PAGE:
With arts education practically an endangered species in today’s schools, your kids may not know a thing about Van Gogh or Picasso. And that’s a shame. Because arts education is far from frivolous. Studies have shown that exposure to the arts improves reading, writing, and math. It makes kids four times more inclined to be academically successful and much more likely to show up for school.
You don’t need to know the difference between Monet and Manet to get them started – you can learn right alongside them. Here are three museums that welcome families with open arms, and won’t expect hushed voices and tiptoed footsteps, either.
The Metropolitan Museum of Art
New York, NY
Legend has it that if you spent just a minute looking at every object in this collection without taking a break, it would take more than 5 years to see it all. Considering that the MET has more than 2 million pieces of art, housed in a building a quarter of a mile long, it’s probably true. The good news is, they don’t expect you to “shhh” your children all the way through it. Before your visit, give kids a copy of the classic storybook, From the Mixed Up Files of Mrs. Basil E. Frankweiler. Then crack open the museum’s “The Mixed Up Guide” and let them loose to discover all the art that made the story so magical.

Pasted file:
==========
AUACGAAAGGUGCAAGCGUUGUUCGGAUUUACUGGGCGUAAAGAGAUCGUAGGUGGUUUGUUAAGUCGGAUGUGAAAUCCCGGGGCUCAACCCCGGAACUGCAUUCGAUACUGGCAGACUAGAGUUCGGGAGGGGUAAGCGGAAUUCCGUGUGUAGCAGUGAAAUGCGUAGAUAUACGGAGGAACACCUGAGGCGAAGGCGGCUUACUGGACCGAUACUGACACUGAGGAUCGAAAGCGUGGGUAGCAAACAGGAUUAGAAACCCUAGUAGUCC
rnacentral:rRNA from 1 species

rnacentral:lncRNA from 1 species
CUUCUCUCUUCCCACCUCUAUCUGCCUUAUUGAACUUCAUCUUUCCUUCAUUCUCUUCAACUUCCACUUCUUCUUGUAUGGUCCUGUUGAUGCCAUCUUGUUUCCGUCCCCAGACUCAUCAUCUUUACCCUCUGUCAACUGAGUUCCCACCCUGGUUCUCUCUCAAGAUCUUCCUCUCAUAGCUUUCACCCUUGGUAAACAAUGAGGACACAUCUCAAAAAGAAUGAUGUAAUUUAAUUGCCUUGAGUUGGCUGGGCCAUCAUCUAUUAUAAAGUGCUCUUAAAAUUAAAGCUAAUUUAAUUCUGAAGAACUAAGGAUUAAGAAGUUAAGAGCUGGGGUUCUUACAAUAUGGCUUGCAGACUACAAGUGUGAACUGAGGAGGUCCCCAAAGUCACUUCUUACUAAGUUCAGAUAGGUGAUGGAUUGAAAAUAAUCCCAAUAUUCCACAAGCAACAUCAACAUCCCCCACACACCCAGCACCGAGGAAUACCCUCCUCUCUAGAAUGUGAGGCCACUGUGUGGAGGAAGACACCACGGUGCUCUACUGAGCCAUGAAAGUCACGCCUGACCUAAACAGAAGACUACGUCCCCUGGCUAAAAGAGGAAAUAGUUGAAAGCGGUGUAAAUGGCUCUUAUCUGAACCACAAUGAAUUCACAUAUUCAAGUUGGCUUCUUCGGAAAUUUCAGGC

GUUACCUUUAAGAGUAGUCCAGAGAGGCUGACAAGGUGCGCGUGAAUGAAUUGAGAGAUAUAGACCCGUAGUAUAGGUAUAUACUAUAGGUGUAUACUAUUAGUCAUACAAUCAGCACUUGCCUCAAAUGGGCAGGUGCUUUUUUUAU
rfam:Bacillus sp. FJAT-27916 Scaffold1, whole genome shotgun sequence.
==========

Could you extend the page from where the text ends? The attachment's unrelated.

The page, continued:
The De Young Museum
San Francisco, CA
Housed in Golden Gate Park and boasting its own Garden of Enchantment, this art museum is a breath of fresh air. Start things off with the museum guide, a funky comic book called “The Ghost of De Young Museum.” If it’s Saturday, join the special family morning tour, then top it off with a free, kids-only art workshop. Local teenagers can apply for a spot in the Ambassador program, which trains (and pays!) them to be guides, or sign up for a free AP Art History class and then troll the galleries for inspiration.
The Art Institute of Chicago
From themed Family Art camps to studio tours, “Mini-Masters” art workshops for kids as young as three, and sculptures kids are meant to fingerprint to their heart’s content, this place takes children seriously. An art school and museum rolled into one, the Art Institute has more than 5,000 years of artistic booty under its roof. The Kraft Education Center is a haven for families. And the Lions Trail audio tour, designed just for kids, turns a visit to the art museum into an interactive treasure hunt.